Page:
Reverse Engineering 101

A primer on reverse engineering, parametric modeling and NURBS.

A hand-held Artec 3D Laser Scanner being used to create a CAD model of an existing part. Image courtesy of Artec 3D.

A hand-held Artec 3D Laser Scanner being used to create a CAD model of an existing part. Image courtesy of Artec 3D. A hand-held Artec 3D scanner being used to create a CAD model of an existing part. Image courtesy of Artec 3D.

Reverse engineering is the process of studying a physical product in order to extract its design information with the intent to reproduce the product, or to create another object that can interact with it. In the past, designers had to physically measure the product to redraw the geometry. Today, designers can use 3D scanners to capture measurements. The scanned data can then be imported into CAD where the design can be processed, manipulated and refined. Designers, engineers, manufacturers and makers today are using 3D scanning and 3D modeling to retrofit designs, create third party add-ons, or to restore older products and designs. They are also using these techniques to create new products that interact with existing designs.

When is Reverse Engineering Useful?

Andrei Vakulenko, Artec 3D’s vice president of Business Development, presented several cases where one might need to reverse engineer something. He said that perhaps you have a situation where, “you have some kind of technical object, but, for various reasons, you don’t have the documentation for it or the mathematical model. For example, the object was made years ago when CAD was not used in the manufacturing and design industry. Or perhaps the manufacturer just did not provide the documentation. Or the documentation was lost.”

There are many reasons for the need to recreate an object. Vakulenko says that you may need to “recreate the object, either because you need the object itself or because you need to make something around the object for which you need its exact measurements.” He added that reverse engineering often involves modifying or recreating a pre-existing object.

The Reverse Engineering Process

Martin Chader, country general manager at Creaform, presented a paper at the SME RAPID 2008 conference on the value of third-generation parametric modeling from 3D scan data. His paper discusses using non-contact dimensional measurement tools such as 3D scanners for shape capture to assist with conceptual design models, to perform competitive analysis, document legacy parts and tooling, and to define the spatial constraints into which a new part must fit.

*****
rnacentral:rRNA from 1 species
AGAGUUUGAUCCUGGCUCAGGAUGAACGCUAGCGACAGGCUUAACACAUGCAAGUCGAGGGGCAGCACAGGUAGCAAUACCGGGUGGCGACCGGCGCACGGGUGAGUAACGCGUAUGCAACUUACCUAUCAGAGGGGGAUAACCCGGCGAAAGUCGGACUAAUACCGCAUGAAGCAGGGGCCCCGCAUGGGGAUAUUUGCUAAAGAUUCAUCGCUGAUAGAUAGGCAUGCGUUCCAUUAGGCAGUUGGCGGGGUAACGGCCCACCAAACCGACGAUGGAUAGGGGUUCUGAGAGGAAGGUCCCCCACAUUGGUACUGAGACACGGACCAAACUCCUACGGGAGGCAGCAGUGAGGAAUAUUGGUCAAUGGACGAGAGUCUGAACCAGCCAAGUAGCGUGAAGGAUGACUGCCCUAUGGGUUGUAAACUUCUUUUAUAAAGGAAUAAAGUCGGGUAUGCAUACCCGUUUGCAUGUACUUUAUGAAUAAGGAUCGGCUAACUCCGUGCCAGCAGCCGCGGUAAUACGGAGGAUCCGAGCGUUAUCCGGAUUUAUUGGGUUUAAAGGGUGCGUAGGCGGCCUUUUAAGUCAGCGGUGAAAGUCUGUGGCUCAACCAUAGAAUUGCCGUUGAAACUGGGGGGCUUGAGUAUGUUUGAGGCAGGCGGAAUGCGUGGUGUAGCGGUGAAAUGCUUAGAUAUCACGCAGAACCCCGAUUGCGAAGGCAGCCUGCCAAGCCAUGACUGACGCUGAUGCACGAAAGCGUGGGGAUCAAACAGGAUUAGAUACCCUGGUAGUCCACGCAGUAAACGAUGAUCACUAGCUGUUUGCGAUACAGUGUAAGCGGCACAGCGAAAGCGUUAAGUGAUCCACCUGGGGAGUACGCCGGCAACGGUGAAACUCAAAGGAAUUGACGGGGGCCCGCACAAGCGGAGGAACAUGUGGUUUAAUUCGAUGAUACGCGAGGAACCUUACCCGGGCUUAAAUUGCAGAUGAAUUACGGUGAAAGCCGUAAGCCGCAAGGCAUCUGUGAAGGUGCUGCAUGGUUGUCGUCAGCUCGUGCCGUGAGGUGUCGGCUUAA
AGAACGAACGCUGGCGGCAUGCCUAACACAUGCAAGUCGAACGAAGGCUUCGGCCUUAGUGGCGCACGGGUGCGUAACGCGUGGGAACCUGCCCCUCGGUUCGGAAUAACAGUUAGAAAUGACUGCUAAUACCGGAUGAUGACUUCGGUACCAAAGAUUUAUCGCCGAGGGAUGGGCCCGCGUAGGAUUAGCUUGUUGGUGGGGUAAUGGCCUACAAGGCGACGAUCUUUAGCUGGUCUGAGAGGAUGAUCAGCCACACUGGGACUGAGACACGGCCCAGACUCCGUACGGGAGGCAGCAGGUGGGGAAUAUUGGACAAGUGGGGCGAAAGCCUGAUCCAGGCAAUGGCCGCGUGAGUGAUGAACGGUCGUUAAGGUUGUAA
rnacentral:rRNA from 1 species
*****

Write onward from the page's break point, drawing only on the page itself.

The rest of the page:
Nika Holdings 3D Scanning Nika Holding, a company that makes custom automobile accessories, preparing to scan the floor of a car to make custom floor mats. Image courtesy of Artec 3D.

“Each of these uses results in the capture of physical shape into a CAD model, often for further engineering,” he writes. Once the object has been scanned, the data collected can be manipulated in CAD software. The CAD designer uses the data as a template to create a NURB (non-uniform rational basis spline) or parametric model.

“Parametrics modeling is used for designing mechanical, simple geometric objects (objects that can be made up of cylinders, spheres, cuboids, etc.),” says Vakulenko. “NURBS is for making models of more complex, freeform objects—e.g. people—and uses curves and points to recreate the shapes.”

When Should Parametric Modeling Be Used?

Parametric or history-based modeling environments “require advanced planning of features, constraints, relations and dependencies within a model,” says Michael Kasten of Kasten Marine Design Inc. This method of 3D modeling in reverse engineering creates a “history of the logical genesis of the model.” This history is “maintained so that changing a pre-defined parameter changes the model,” he says. Once the parameters, or the parametrics, of a design have been set, the CAD model will interact with the scanned data appropriately.